Public Safety

County, Non-profit Partner on Anti-Sex Trafficking Campaign

Three of  the Disrupt Sex Trafficking campaign posters  which aim to educate parents and the community on  victim recruitment.
Three of the Disrupt Sex Trafficking campaign posters which aim to educate parents and the community on victim recruitment.

A new awareness campaign that shines light on methods sex traffickers use to recruit victims launched this week in San Diego County. The County’s District Attorney’s Office and Child Welfare Services are partnering with the anti-human trafficking organization, Abolitionist Mom, to help promote the public service ads. They will appear on billboards, poster boards, transit shelter displays and in radio public service announcements beginning this week as part of an education effort called Disrupt Sex Trafficking.

“The bottom line is teens and children are trafficked while attending school,” said Genice Jacobs of Abolitionist Mom and creator of the campaign. “Prevention, education and intervention programs are necessary to stop more children from becoming exploited.”

The Disrupt Sex Trafficking campaign is a series of ads that focus on the ways youth are recruited along with practical steps that can interrupt child exploitation. The first ad, which is debuting this week, for example, reads: “Sex Traffickers Love Technology Too,” and depicts a teen using her phone. The goal is to highlight how exploiters befriend their victims on social media. Another poster, “Girlfriend for Sale,” focuses on how traffickers lure victims into false relationships and then coerce them into the sex trade.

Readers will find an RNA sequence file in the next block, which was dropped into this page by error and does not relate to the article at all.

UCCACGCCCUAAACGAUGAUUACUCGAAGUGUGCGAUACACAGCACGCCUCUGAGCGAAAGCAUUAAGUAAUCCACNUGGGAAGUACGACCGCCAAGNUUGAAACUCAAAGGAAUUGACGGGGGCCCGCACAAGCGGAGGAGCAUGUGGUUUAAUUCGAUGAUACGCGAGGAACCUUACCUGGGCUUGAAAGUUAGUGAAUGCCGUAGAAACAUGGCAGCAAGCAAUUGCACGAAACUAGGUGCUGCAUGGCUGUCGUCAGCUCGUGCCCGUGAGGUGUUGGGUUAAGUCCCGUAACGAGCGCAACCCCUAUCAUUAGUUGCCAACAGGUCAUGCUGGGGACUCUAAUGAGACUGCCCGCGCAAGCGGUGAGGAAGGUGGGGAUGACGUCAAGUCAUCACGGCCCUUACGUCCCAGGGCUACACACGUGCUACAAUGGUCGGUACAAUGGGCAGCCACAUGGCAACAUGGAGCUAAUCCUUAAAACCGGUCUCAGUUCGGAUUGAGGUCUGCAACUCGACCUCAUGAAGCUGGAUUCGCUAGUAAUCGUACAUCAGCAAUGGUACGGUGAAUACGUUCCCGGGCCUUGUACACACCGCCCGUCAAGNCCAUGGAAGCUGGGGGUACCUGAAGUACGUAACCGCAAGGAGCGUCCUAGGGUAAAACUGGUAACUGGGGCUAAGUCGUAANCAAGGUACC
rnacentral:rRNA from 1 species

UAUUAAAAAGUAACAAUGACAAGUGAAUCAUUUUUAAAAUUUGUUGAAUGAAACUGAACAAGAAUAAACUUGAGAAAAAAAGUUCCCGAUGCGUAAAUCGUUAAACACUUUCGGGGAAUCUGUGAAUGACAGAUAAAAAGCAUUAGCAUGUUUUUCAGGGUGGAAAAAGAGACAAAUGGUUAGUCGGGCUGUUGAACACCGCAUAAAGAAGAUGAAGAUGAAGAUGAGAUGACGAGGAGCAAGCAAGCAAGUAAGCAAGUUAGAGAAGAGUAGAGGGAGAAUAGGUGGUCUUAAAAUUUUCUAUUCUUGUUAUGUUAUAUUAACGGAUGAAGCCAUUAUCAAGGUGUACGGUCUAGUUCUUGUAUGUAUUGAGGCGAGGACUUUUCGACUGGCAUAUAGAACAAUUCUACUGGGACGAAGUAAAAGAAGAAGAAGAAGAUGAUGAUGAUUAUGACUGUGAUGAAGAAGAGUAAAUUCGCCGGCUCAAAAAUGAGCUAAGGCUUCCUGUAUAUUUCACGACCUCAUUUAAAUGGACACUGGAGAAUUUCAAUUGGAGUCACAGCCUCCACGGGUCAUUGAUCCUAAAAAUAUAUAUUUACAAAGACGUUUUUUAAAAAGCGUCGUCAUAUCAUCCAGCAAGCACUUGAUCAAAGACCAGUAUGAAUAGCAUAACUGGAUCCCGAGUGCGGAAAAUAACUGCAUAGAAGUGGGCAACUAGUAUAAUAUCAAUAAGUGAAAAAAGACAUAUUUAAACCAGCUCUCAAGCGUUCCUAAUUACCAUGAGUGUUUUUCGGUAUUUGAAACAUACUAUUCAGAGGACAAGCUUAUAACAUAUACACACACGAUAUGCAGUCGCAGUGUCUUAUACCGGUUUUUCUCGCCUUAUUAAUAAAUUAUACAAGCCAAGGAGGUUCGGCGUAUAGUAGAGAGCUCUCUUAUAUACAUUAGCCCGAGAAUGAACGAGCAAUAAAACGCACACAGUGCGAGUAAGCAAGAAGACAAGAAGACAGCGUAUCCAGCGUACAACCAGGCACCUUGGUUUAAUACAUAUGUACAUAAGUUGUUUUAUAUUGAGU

“We need to make the public aware on how traffickers operate,” District Attorney Summer Stephan said. “Since January is human trafficking awareness month, this is a perfect opportunity to educate the parents about the many ways sex dealers approach our children, including through their mobile devices or at school.”

The campaign, which uses education and awareness to help disrupt child sex trafficking, is available to schools and educators.

“It is critical that as a community we understand the various ways that children are lured into the sex trade,” said Nick Macchione, director of the County Health and Human Services Agency. “We will be promoting this campaign to not only spark discussions about sex trafficking, but to inform parents and children about clear steps they can take to stay safe.”

Abolitionist Mom created the Disrupt Sex Trafficking campaign with input from trafficking survivor leaders and art direction by Garnet Creative. To see the ads and links to educational resources, visit AbolitionistMom.org. There, you can request high-resolution files of the campaign.

To report suspected human trafficking call the toll free hotline number 1-888-3737-888 or Text “Help” or “Info” to BeFree (233733). For more information visit the human trafficking page of the District Attorney’s public website.